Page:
“We think social workers can add value in non-profits, private industry, and in corporations,” says Juan Macias, Assistant Director of Professional Development at USC. “One of the things we try to focus on,” says Macias, “is the social work connection. That can be how corporations engage with the community, and find the strategic intersect. At the same time, it can be where the corporation is trying to develop great relationships with their employees.”
He added that, “We are great at understanding human behavior, motivation, and interpersonal relationships, etc. With that, there is a direct link to how we, as social workers, can address those workforce challenges.”
Not only do social workers provide companies with a new tool for fostering and developing a happy workforce, but they also provide expertise in how a business is portraying itself to the outside world. Most companies have become more cognizant of its public perception over the past decade, as the Internet has allowed a slew of information to become available to anyone who wants it — including potential clients or customers.
By addressing issues surrounding corporate responsibility and community outreach programs, social workers can actually help polish an organization’s public image, effectively augmenting marketing and public relations departments. By successfully branding itself as a business that invests in local communities and its employees, many prospective customers are swayed to spend their money at places they may not have otherwise.
One example could be Costco (NYSE:COST), which goes head-to-head with stores like Sam’s Club (NYSE:WMT). Costco is known for treating its employees very well, whereas Sam’s Club, which is owned by Wal-Mart, has a less than sterling reputation in the same department. Social workers could potentially play an important role in changing Sam’s Club’s public perception.
The USC program has put social workers into internship roles in a variety of different large companies, including Wells Fargo, Warner Bros., and Pan American Bank. In each company, interns were hired into different departments, but were able to make positive contributions.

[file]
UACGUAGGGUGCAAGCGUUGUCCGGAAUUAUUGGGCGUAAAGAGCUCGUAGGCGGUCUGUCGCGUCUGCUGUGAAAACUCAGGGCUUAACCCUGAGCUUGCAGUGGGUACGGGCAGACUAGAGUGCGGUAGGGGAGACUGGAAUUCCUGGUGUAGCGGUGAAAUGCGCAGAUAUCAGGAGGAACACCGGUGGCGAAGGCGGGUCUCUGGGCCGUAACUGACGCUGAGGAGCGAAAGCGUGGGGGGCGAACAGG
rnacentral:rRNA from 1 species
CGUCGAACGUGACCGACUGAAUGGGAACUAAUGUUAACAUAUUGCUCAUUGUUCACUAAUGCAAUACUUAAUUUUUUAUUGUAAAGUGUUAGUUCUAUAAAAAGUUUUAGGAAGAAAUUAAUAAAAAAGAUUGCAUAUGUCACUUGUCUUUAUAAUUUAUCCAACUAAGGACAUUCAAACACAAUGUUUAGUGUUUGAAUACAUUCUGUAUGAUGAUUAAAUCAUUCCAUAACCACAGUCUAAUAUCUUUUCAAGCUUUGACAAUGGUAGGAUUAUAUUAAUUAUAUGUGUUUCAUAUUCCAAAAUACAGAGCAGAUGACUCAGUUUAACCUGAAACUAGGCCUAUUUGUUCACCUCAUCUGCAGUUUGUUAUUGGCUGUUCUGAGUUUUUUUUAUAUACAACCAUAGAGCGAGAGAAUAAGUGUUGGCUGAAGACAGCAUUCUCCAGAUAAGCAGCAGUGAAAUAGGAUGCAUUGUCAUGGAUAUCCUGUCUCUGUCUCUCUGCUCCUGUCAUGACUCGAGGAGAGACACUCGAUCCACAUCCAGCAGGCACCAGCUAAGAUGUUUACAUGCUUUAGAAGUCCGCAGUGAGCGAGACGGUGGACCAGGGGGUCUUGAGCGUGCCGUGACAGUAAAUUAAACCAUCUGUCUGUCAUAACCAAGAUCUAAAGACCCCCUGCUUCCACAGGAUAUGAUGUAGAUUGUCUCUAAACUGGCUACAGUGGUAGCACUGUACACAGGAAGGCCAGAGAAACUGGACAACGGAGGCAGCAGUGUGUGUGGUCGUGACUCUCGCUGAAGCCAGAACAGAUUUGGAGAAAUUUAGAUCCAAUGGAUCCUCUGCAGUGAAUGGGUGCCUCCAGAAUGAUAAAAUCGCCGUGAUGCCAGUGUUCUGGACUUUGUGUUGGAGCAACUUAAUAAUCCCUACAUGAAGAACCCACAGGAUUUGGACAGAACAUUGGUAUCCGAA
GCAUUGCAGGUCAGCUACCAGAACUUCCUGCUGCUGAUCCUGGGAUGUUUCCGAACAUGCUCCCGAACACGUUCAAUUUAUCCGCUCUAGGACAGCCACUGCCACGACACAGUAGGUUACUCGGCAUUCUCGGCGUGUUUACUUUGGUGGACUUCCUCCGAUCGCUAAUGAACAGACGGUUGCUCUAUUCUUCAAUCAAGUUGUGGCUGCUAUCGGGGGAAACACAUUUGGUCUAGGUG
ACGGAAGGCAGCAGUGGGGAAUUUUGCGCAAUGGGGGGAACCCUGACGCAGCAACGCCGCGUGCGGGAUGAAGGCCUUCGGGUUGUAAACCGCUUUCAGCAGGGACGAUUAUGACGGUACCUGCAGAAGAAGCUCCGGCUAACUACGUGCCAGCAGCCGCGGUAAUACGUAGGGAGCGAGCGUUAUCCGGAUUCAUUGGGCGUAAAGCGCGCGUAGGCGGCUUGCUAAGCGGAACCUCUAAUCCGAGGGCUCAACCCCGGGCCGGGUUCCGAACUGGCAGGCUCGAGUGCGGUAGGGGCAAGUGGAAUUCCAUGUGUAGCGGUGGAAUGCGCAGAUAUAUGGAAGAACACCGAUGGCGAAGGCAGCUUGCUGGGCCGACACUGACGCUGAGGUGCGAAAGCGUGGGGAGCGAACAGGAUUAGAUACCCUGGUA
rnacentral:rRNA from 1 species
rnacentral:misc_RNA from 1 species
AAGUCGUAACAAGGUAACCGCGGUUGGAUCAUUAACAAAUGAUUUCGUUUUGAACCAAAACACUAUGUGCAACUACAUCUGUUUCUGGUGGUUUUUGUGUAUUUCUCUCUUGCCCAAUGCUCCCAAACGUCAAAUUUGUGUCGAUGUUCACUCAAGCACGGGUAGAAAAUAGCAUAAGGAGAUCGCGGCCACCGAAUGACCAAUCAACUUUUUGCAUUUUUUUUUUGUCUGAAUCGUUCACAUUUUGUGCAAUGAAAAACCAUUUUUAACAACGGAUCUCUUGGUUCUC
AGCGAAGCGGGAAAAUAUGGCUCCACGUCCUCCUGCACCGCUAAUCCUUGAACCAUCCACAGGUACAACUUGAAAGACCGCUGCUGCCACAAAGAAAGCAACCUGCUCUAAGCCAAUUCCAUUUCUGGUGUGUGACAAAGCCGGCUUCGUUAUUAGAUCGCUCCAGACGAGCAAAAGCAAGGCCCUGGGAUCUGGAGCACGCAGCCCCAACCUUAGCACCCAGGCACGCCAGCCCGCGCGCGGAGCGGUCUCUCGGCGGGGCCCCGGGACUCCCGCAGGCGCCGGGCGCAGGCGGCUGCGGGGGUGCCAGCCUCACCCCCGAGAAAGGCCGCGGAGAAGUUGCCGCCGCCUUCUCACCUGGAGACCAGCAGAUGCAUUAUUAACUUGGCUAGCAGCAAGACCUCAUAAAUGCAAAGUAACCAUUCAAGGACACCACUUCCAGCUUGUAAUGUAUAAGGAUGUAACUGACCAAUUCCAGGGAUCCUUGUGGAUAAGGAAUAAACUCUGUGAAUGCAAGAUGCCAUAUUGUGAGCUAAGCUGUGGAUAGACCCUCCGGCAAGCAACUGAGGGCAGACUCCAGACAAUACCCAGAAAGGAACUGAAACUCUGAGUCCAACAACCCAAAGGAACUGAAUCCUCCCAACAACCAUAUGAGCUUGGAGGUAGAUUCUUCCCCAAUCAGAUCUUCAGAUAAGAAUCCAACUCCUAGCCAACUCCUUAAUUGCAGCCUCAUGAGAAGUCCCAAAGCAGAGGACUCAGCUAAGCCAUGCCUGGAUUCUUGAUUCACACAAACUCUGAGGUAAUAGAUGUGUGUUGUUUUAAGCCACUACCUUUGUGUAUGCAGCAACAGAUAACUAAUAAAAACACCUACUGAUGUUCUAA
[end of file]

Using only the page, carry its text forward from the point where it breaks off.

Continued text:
The idea of onboarding social workers into the corporate environment is still a young one, but it appears to be gaining momentum. Naturally, companies are looking for ways to improve its value and make life better for its employees and communities, but also need to ensure that it sees a return on what it is investing. That isn’t something that is lost on Juan Macias, who says that he and his colleagues keep that at the forefront of their minds.
“One thing that we are very keen on when developing these internships is that social workers are adding value to these organizations, especially corporations. And we are very cognizant of the importance of having a return on investment very front and center,” Macias said. “How is this going to add to the bottom line, make them money, improve a process or service, and or reduce liability?”
With the concerns of the public, organizations, and those within the organizations in mind, USC’s School of Social Work is out to help improve the corporate world from the inside out.